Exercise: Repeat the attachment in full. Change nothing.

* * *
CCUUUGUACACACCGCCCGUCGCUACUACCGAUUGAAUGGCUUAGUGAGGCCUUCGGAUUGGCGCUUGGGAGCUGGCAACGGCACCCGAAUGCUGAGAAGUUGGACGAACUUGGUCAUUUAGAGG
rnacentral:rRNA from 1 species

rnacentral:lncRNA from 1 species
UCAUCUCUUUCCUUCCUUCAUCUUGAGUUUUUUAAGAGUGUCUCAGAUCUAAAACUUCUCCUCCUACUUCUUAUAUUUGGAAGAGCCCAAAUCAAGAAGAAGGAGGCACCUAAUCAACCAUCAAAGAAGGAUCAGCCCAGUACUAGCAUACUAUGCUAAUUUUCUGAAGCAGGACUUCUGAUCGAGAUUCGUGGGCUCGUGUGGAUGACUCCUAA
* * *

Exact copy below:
CCUUUGUACACACCGCCCGUCGCUACUACCGAUUGAAUGGCUUAGUGAGGCCUUCGGAUUGGCGCUUGGGAGCUGGCAACGGCACCCGAAUGCUGAGAAGUUGGACGAACUUGGUCAUUUAGAGG
rnacentral:rRNA from 1 species

rnacentral:lncRNA from 1 species
UCAUCUCUUUCCUUCCUUCAUCUUGAGUUUUUUAAGAGUGUCUCAGAUCUAAAACUUCUCCUCCUACUUCUUAUAUUUGGAAGAGCCCAAAUCAAGAAGAAGGAGGCACCUAAUCAACCAUCAAAGAAGGAUCAGCCCAGUACUAGCAUACUAUGCUAAUUUUCUGAAGCAGGACUUCUGAUCGAGAUUCGUGGGCUCGUGUGGAUGACUCCUAA